One tree which can fill both of those requirements is the "Shaggy
Barked River Birch," sometimes just called "River Birch." Mine is six
years old, stands 40 feet, was started as a rooted cutting, The bark
makes it attractive both winter and summer.
Here is an overview and image of the tree from Ohio State University:
Here is a view of the bark:
http://www.oakridger.com/images/011702/birch1.jpg - From oakridger.com
"The most beautiful of American trees-that's what Prince Maximilian
thought of river birch (Betula nigra) when he toured North America
before he became the short-lived Emperor of Mexico (11). Also known as
red birch, water birch, or black birch (15), it is the only birch
whose range includes the southeastern coastal plain and is also the
only spring-fruiting birch. Although the wood has limited usefulness,
the tree's beauty makes it an important ornamental, especially at the
northern and western extremes of its natural range." Quote from USDA
While the map does not show the range extending far up into Indiana,
rest assured, the tree does well far into the Great Lakes Region.
And no kidding. Your tree can be nearly the size of the one in the
Ohio State picture from a rooted cutting, in only ten years. This
would be my first choice for both your needs. While they can be
planted in the fall (mine was) it is best to do so ing the spring or
early summer. The failure rate is a little higher with fall planting.
One of the fastest growing trees is the Hybrid Poplar, up to 5 to 8
feet per year. The roots are invasive so it would be a good tree for
planting away from buildings or sidewalks. It also has a long history
of use. - "There are many crosses that go by the name Hybrid Poplar,
but this one between Eastern Cottonwood from the United States and
Black Poplar from Europe and North Africa has been a favorite for a
very long time. Botanists and Hobbyists in colonial times are said to
have exchanged the parent trees across the ocean, with both natural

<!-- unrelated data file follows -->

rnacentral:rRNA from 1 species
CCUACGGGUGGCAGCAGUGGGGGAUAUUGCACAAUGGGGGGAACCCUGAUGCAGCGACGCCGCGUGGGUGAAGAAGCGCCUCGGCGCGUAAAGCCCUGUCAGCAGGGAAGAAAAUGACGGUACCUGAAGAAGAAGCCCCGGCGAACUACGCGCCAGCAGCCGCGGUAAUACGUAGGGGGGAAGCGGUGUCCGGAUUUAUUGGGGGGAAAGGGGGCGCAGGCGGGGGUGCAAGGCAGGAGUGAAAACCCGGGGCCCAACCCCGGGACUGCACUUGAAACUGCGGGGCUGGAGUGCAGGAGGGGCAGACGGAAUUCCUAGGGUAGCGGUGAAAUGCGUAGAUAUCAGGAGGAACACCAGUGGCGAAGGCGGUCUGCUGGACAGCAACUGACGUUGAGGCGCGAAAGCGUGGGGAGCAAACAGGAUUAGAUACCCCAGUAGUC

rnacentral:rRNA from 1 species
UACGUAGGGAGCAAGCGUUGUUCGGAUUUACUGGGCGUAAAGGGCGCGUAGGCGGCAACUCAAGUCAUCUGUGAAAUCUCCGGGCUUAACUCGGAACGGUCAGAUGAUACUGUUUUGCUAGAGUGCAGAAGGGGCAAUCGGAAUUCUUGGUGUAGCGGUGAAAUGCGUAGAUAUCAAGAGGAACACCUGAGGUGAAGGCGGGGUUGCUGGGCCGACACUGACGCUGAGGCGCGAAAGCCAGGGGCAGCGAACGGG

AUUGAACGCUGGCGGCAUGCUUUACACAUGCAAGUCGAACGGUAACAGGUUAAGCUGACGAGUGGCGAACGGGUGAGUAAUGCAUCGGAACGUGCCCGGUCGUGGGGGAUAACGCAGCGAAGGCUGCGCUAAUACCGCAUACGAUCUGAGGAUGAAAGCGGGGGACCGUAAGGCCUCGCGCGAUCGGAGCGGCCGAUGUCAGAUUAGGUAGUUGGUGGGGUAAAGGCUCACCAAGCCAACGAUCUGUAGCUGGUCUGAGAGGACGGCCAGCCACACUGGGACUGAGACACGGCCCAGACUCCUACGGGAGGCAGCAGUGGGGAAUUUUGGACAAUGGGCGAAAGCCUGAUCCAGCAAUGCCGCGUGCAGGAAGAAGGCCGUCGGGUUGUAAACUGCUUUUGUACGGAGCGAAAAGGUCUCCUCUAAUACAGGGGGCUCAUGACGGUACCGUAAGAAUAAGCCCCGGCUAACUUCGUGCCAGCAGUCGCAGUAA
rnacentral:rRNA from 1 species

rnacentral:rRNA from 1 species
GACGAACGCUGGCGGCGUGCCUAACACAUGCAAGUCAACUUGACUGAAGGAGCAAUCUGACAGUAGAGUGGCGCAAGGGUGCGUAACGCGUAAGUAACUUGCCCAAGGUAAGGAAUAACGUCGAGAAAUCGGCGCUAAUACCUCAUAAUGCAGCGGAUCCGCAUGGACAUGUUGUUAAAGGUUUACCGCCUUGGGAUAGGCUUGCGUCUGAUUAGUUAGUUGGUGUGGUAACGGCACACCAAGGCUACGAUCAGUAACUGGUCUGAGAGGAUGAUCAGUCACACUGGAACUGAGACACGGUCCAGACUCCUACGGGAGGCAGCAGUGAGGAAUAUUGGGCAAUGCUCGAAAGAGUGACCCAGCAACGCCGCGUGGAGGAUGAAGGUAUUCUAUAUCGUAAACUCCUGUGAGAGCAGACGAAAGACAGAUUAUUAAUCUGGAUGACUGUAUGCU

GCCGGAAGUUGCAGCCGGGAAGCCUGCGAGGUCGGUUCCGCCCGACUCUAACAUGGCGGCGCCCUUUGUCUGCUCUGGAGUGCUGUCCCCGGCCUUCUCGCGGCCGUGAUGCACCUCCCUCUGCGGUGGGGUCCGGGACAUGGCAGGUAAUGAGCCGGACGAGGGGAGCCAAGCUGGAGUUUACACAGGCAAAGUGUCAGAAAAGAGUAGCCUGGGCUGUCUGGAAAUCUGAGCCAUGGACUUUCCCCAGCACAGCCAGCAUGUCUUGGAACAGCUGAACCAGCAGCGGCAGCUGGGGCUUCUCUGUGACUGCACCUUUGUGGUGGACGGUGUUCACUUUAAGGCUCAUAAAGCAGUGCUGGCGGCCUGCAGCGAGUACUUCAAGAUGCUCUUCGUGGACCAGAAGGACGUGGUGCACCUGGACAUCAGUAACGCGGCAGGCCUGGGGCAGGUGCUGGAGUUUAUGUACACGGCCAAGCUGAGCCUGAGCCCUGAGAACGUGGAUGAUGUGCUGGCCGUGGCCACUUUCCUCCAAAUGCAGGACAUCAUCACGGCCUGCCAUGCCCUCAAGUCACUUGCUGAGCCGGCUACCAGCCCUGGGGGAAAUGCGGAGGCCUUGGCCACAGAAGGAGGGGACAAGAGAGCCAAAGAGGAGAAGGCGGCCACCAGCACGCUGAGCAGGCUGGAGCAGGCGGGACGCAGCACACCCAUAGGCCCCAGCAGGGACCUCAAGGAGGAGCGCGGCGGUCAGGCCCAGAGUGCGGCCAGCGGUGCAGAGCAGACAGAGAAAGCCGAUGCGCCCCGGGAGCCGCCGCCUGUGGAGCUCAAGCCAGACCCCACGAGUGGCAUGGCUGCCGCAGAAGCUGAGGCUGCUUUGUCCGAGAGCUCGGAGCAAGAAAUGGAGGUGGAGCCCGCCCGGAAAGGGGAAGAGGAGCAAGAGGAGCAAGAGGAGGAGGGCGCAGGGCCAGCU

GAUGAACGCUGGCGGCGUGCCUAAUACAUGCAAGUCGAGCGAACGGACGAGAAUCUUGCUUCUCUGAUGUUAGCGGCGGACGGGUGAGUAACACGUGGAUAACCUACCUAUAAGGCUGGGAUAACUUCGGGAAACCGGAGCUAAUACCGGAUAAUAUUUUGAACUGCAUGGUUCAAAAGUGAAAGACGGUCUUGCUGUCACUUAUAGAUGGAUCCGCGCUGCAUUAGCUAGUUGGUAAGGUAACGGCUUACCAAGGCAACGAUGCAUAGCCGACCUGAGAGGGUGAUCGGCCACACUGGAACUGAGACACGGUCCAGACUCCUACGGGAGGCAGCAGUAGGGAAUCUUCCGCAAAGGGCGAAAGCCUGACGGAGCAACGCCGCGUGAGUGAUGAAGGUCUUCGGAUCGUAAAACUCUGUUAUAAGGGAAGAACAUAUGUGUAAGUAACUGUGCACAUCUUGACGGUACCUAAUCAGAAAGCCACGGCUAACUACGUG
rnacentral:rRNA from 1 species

and artificial hybrids soon resulting. The oldest account of the tree
was given by a scientist in 1785." Since these trees are part
cottonwood, they are also members of the willow family and grow well
in damp conditions. - quote from The National Arbor Day Foundation
http://www.arborday.org/trees/treeguide/TreeDetail.cfm?id=31 - You
will find photos and information about the tree.
Take another look at the River Birch
Now for the Eastern Cottonwood.
This tree can also grow at the rate of 8 feet per year and is great
for fast shade. Once again there is an invasive root structure and
the same care should be chosen for the location of this tree as for
the Hybrid Poplar.
You will find an overview of this tree here:
http://www.kansasforests.org/CTPFAQ/cottonwood.htm - From Kansas Forest Service
- This tree can reach 90ft and spread 90ft.
You can plant River Birch a little closer to the house.
If you want something a little different, why not have a planting of
redwoods in Indiana. You really can, you know.
The Dawn Redwood is a native of China and was thought to be extinct
till it was rediscovered in the 1940's. They are being planted as
far north as New England. They look like the classic redwood of the
Pacific coast, but unlike Pacific redwoods, these lose their leaves in
the winter. They can grow three feet a year and you can take a look at them here:
( http://www.cdr3.com/redwoods/re00003.htm ) - website of Empire National Nursery
Redwoods might look nice as a backdrop to River Birchs.
Another tree you may consider is the Ameri-Willow. Very fast growing
and easily managed. You can learn more about it and view some photos
(note the size of 14 month trees): ( http://www.cdr3.com/willow/ ) -
this is another page from Empire National Nursery. One of the
testimonials about Ameri-Willow is about trees growing in Chicago, so
they should be hardy enough for your area. If opinions matter, these
would be the trees I recommend based on your description. While they
do lose their leaves in the winter, they can be planted close enough
together that the network of branches in the winter can still provide
some privacy. "Plant the Ameri-Willow about five to six feet apart.
Or, you can plant two off-set rows at eight to ten feet apart, and
you'll have a solid "green wall" in just a couple years!" - Quote from
Once again, by dealing with a willow, dampness is no problem.
A combination of Ameri-willow and River Birchs would make a nice fast
Mentioned trees may be found, purchased online, and shipped from:
http://www.naturehills.com/ - Nature Hills Nursery. They are located
in Omaha so there should be little acclimatization needed for stock
purchased from there. You will find information and images about
other fast growing trees also.
Empire National Nursery linked in the answer is a good source for the Ameri-willow.
Search - Google
Terms - fast growing trees for midwest
Personal growing experience for various tree varieties
If I may clarify anything before rating, please ask.